Problems & mitigation techniques
Animals are one the largest causes of customer interruptions for nearly every electric utility worldwide, right after human and other factors. Problems and mitigation techniques are as varied as the animals involved. Identifying and addressing physical root causes is often the most cost effective way to address reliability problems.
This technical article describes reliability concerns and common reliability improvement strategies for the following classes of animals:
- Mice, rats and gophers,
- Fire ants, and
- Large animals (cattle, horses, bison, and bears).
Squirrels are extremely cute animals. Everybody love them, but unfortunately they are a reliability concern for all overhead distribution systems near wooded areas. Squirrels will not typically climb utility poles, but will leap onto them from nearby trees and cause faults by bridging grounded equipment with phase conductors.
Of the more than 365 species throughout the world, reliability concerns lie primarily with gray squirrels and red squirrels (see Table 1).
North American red squirrels (also known as pine squirrels and chickarees) are smaller then the gray (eight to ten inches in typical length), have fur that ranges from red to black, and have bushy tails about the same length as their body. Some subspecies can have red or black ear tufts and most have a white belly.
The red squirrel is found in coniferous forests, where it feeds on the seeds and cones of the pines, fir, and spruce trees.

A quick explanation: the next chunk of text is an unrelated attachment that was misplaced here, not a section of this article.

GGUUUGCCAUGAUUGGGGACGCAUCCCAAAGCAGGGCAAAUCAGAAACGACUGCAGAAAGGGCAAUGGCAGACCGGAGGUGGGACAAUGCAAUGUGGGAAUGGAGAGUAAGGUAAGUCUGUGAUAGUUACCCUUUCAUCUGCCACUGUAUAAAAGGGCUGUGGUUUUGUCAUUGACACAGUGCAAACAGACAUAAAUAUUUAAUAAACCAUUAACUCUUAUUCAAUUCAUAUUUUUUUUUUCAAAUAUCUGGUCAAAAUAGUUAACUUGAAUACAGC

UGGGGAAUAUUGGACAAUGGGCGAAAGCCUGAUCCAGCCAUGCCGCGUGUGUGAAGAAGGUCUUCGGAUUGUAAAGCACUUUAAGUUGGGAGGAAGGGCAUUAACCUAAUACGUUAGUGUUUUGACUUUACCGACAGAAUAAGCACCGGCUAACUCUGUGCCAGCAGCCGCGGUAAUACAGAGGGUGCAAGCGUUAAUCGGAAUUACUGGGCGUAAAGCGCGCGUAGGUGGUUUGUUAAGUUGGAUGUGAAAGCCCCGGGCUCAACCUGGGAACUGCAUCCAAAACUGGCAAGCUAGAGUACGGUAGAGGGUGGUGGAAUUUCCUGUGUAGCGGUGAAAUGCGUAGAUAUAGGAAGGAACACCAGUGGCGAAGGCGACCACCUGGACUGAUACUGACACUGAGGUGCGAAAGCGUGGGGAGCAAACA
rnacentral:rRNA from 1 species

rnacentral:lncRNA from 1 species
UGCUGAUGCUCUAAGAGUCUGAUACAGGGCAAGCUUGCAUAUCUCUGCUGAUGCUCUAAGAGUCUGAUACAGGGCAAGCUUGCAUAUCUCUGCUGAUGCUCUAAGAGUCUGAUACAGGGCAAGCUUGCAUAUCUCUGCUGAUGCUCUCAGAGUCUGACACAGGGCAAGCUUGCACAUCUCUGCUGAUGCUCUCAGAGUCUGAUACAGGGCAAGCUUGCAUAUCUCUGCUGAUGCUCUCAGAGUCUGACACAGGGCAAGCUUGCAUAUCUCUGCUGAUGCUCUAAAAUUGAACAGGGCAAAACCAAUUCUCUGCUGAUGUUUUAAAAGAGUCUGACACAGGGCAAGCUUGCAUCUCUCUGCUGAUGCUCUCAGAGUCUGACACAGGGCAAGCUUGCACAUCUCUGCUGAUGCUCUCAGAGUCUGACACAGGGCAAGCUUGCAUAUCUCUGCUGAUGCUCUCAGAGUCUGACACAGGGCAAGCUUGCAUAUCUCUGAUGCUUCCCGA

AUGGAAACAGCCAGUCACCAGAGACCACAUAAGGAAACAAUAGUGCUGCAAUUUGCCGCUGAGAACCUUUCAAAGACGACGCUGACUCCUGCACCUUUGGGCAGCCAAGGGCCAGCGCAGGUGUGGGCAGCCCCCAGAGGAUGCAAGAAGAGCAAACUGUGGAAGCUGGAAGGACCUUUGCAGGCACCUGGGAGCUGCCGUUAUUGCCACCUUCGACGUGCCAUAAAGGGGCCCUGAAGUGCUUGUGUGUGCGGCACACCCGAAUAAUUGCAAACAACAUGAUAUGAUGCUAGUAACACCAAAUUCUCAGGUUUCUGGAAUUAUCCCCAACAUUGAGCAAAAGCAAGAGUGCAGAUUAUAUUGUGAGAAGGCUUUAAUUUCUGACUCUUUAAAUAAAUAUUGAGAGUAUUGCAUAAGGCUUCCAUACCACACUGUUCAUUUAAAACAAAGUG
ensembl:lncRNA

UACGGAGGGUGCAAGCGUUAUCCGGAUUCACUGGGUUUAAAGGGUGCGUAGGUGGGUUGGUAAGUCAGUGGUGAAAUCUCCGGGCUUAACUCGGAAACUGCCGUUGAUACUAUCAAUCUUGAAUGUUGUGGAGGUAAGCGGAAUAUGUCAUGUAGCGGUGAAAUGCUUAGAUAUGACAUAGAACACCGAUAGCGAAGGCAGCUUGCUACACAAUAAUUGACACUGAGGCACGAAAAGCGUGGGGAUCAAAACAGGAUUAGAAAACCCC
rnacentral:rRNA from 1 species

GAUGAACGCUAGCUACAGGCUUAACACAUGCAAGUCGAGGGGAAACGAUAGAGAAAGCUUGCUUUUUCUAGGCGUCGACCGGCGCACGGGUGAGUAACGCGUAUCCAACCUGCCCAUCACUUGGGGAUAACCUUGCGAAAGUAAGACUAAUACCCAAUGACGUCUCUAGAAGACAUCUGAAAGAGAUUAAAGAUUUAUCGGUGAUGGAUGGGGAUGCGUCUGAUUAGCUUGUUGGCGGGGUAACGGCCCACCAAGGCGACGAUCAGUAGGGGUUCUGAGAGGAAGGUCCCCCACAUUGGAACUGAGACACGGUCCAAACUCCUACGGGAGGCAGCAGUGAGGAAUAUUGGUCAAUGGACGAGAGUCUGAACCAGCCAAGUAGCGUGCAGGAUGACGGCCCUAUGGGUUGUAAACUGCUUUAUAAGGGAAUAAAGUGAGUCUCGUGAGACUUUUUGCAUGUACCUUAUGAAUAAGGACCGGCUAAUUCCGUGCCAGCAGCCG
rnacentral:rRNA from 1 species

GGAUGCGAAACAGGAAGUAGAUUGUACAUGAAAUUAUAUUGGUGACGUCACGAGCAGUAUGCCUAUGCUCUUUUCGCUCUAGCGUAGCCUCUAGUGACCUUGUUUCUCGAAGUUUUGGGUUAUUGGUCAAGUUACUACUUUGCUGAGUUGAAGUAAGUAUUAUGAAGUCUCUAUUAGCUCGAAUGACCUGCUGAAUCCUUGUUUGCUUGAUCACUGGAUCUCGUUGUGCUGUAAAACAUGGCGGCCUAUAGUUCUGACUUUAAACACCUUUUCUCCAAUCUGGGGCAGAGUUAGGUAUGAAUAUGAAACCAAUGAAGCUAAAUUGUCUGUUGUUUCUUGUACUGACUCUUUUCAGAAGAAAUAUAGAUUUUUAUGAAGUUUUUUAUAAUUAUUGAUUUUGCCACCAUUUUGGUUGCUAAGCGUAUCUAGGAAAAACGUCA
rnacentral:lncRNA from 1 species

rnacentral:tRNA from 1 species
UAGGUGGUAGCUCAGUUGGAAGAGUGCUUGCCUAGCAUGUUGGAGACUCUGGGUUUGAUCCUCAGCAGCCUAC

Table 1 – Common types of squirrels and their typical maximum length
|Eastern Gray||Eastern US, southern Canada||20”|
|Western Grey||West Coast of US||22”|
|North American Red||Alaska, Canada, North US and West US||12”|
Squirrels are extremely agile, persistent and committed to travel routes that may include utility poles. Because of this, attempts to keep squirrels off of overhead utility equipment are usually futile and reliability improvement efforts should focus on equipment protection.
The most common technique is to install plastic animal guards on bushings and insulators to prevent squirrels from simultaneously touching the tank and phase conductors (Figure 1).
The middle figure shows the bushing fitted with a plastic animal guard to prevent the squirrel from causing a fault. The right figure shows the bushing fitted with an electrostatic guard that deters an approaching squirrel with a harmless but noticeable electric shock.
Squirrel proofing electric transformers
2. Mice, Rats and Gophers
Mice, rats, and gophers are rodents that cause faults by gnawing through the insulation of underground cable. Rats and mice are the most common cause of animal related outages on underground equipment, and gophers are third (snakes are the second most common cause).
Some utilities have successfully used ultrasonic devices to ward off mice and rats.
When gophers dig tunnels, they chew their way through any obstacle in their path, including electric cables and plastic conduit. Gophers are most common in the Midwestern US where they are often the most common cause of underground equipment failure.
Effective gopher control is difficult to achieve, with methods including traps, poisoned bait, poison gas, and ultrasonic techniques.